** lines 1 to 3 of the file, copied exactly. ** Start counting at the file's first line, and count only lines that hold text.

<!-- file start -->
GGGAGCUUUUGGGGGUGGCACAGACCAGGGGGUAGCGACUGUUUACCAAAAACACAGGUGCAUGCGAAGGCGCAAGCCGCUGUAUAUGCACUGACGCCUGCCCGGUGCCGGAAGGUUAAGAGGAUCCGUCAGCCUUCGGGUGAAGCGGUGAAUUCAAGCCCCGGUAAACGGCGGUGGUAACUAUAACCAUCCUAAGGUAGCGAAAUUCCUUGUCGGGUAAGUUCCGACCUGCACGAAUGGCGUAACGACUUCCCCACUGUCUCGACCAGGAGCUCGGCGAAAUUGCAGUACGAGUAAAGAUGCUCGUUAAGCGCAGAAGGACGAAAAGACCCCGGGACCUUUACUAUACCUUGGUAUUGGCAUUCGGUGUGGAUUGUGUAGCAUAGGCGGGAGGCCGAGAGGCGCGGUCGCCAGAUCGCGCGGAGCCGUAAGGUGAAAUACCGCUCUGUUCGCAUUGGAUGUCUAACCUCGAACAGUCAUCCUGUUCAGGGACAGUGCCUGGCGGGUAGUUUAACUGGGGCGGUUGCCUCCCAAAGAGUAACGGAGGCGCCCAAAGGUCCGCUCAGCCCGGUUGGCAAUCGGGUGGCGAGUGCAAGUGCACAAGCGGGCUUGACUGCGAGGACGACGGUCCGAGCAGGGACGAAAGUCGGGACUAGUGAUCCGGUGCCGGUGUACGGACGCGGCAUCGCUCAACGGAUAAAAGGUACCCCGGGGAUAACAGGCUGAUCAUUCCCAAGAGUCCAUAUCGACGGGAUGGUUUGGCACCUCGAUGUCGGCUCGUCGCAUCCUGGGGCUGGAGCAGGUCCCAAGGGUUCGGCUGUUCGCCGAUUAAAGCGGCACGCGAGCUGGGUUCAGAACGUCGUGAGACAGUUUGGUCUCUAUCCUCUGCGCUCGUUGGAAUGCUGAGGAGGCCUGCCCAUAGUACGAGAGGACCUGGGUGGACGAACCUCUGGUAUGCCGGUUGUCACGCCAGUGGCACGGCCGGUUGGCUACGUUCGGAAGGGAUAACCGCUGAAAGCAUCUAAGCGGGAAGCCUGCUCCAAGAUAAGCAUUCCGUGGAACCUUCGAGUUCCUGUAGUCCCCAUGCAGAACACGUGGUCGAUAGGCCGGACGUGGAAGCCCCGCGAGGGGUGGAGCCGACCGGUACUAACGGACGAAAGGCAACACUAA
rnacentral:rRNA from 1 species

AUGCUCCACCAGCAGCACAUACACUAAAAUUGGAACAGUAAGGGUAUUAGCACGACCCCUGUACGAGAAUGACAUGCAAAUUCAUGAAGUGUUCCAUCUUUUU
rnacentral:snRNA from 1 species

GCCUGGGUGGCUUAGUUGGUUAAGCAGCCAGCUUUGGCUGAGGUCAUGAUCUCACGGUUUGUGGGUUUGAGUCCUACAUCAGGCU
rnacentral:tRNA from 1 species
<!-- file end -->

GGGAGCUUUUGGGGGUGGCACAGACCAGGGGGUAGCGACUGUUUACCAAAAACACAGGUGCAUGCGAAGGCGCAAGCCGCUGUAUAUGCACUGACGCCUGCCCGGUGCCGGAAGGUUAAGAGGAUCCGUCAGCCUUCGGGUGAAGCGGUGAAUUCAAGCCCCGGUAAACGGCGGUGGUAACUAUAACCAUCCUAAGGUAGCGAAAUUCCUUGUCGGGUAAGUUCCGACCUGCACGAAUGGCGUAACGACUUCCCCACUGUCUCGACCAGGAGCUCGGCGAAAUUGCAGUACGAGUAAAGAUGCUCGUUAAGCGCAGAAGGACGAAAAGACCCCGGGACCUUUACUAUACCUUGGUAUUGGCAUUCGGUGUGGAUUGUGUAGCAUAGGCGGGAGGCCGAGAGGCGCGGUCGCCAGAUCGCGCGGAGCCGUAAGGUGAAAUACCGCUCUGUUCGCAUUGGAUGUCUAACCUCGAACAGUCAUCCUGUUCAGGGACAGUGCCUGGCGGGUAGUUUAACUGGGGCGGUUGCCUCCCAAAGAGUAACGGAGGCGCCCAAAGGUCCGCUCAGCCCGGUUGGCAAUCGGGUGGCGAGUGCAAGUGCACAAGCGGGCUUGACUGCGAGGACGACGGUCCGAGCAGGGACGAAAGUCGGGACUAGUGAUCCGGUGCCGGUGUACGGACGCGGCAUCGCUCAACGGAUAAAAGGUACCCCGGGGAUAACAGGCUGAUCAUUCCCAAGAGUCCAUAUCGACGGGAUGGUUUGGCACCUCGAUGUCGGCUCGUCGCAUCCUGGGGCUGGAGCAGGUCCCAAGGGUUCGGCUGUUCGCCGAUUAAAGCGGCACGCGAGCUGGGUUCAGAACGUCGUGAGACAGUUUGGUCUCUAUCCUCUGCGCUCGUUGGAAUGCUGAGGAGGCCUGCCCAUAGUACGAGAGGACCUGGGUGGACGAACCUCUGGUAUGCCGGUUGUCACGCCAGUGGCACGGCCGGUUGGCUACGUUCGGAAGGGAUAACCGCUGAAAGCAUCUAAGCGGGAAGCCUGCUCCAAGAUAAGCAUUCCGUGGAACCUUCGAGUUCCUGUAGUCCCCAUGCAGAACACGUGGUCGAUAGGCCGGACGUGGAAGCCCCGCGAGGGGUGGAGCCGACCGGUACUAACGGACGAAAGGCAACACUAA
rnacentral:rRNA from 1 species

AUGCUCCACCAGCAGCACAUACACUAAAAUUGGAACAGUAAGGGUAUUAGCACGACCCCUGUACGAGAAUGACAUGCAAAUUCAUGAAGUGUUCCAUCUUUUU